The surrounding environment in which an individual lives and works has the potential to influence their health-related behaviour. It is widely accepted that modification of these surrounding environments can promote behaviour change at a population level [8]. The workplace environment has been identified as a priority setting for the promotion of healthy dietary behaviours given that individuals are now spending up to two-thirds of their waking hours in their workplace [5, 6, 9, 10]. Workplaces can facilitate the delivery and implementation of health promotion interventions by providing the necessary infrastructure and access to a stable population within a controlled environment [5, 9].

However, uncertainty exists with regards to the effectiveness of workplace dietary interventions [11, 12]. Previous dietary interventions have demonstrated limited efficacy with small effect sizes [11, 1315]. There is some evidence to suggest that workplace nutrition education interventions can have modest positive effects on dietary behaviour in terms of intakes of fruit and vegetables [11, 12]. However, there is a dearth of evidence regarding workplace dietary modification interventions. Furthermore, the evidence base regarding the costs associated with workplace dietary interventions is extremely limited as many interventions have failed to report cost data alongside effectiveness data [11, 15]. Previous literature suggests that there is a need to accurately determine the associated costs of workplace interventions in order to reliably determine cost-effectiveness [15]. Workplace dietary interventions have become a focal point on organisational agendas in an effort to reduce the costs associated with absenteeism and productivity losses however, the cost to employers associated with implementing and delivering these interventions remains largely unknown [10, 16].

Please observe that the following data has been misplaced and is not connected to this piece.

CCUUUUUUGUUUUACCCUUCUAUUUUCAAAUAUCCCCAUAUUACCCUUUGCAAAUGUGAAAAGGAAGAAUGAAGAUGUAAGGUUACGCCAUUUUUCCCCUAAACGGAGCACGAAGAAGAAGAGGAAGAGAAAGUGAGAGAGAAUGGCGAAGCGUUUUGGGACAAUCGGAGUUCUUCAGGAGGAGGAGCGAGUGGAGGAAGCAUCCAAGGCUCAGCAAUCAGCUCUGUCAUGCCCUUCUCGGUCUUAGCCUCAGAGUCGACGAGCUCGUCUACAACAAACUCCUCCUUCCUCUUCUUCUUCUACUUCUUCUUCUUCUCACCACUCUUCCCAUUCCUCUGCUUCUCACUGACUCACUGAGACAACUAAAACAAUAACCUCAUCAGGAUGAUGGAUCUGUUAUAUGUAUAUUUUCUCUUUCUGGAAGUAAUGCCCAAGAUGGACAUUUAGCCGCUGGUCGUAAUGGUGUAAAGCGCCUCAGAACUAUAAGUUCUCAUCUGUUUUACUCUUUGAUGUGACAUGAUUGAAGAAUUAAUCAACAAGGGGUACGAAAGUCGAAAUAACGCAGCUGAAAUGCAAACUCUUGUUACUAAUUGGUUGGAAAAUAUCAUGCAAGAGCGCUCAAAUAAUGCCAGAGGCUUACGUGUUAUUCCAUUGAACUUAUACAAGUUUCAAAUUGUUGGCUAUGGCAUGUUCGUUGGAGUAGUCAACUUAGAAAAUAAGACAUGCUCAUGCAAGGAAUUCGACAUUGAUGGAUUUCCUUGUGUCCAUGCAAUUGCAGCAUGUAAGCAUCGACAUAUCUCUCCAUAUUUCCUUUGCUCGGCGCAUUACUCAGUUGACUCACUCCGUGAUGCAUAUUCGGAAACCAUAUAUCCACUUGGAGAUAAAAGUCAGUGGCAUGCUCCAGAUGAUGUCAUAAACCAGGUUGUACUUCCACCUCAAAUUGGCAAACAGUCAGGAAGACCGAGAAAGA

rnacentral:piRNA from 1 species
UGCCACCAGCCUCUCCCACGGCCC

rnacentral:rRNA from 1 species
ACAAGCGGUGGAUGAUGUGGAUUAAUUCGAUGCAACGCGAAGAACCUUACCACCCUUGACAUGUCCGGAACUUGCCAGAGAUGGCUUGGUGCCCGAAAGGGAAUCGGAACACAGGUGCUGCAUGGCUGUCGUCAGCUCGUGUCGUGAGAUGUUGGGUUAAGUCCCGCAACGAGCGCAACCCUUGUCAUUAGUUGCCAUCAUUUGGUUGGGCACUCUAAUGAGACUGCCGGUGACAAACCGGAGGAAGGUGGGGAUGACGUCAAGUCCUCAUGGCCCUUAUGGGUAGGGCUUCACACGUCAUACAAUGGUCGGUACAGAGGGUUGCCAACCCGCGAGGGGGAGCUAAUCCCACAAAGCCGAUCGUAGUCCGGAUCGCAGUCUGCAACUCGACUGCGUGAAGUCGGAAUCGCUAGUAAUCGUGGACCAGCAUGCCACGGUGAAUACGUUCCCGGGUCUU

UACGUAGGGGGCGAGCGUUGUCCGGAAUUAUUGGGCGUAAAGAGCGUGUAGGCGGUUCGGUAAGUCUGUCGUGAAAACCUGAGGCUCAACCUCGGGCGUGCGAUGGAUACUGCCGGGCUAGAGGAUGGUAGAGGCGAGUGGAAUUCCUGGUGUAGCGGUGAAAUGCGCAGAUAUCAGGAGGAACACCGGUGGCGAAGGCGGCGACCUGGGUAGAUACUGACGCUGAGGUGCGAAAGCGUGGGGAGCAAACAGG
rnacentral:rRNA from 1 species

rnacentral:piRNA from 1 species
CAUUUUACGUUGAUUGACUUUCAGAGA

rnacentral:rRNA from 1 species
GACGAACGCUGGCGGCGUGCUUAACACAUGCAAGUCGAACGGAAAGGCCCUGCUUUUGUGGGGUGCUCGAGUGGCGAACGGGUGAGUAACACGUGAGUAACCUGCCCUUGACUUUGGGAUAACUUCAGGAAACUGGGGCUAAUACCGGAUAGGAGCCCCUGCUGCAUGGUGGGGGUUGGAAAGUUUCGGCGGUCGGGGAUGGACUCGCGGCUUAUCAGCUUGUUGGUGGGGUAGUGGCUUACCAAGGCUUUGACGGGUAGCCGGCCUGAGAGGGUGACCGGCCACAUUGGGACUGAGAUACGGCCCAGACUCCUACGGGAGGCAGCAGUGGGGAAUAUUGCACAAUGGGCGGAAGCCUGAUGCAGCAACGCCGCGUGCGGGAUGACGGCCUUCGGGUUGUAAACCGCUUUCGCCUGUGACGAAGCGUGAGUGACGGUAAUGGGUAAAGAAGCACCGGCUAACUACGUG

The Food Choice at Work Study (FCW) was a complex workplace dietary intervention trial which assessed the comparative effectiveness of an environmental dietary modification intervention and a nutrition education intervention both alone and in combination versus a control workplace [17]. This study will inform a future economic analysis of the FCW interventions. As previously outlined, the financial impact associated with workplace dietary interventions have been poorly documented in the evidence to date. Hence, there is a need for a detailed exposition of costs for each intervention to be presented. The aim of this study was to provide a transparent assessment of the costs associated with implementing and delivering the FCW interventions over a 1-year period. As the costs of implementing workplace interventions are usually borne by employers, the cost-analysis was conducted from the perspective of the employer and the intervention costs were measured against a control workplace. Findings provide a novel insight into the costs associated with workplace dietary interventions. Furthermore, the study delivers accurate cost data which will assist both employers and public health policy makers in making evidence-based decisions regarding the economic feasibility of implementing dietary interventions and also on their potential scalability.

Methods

Data source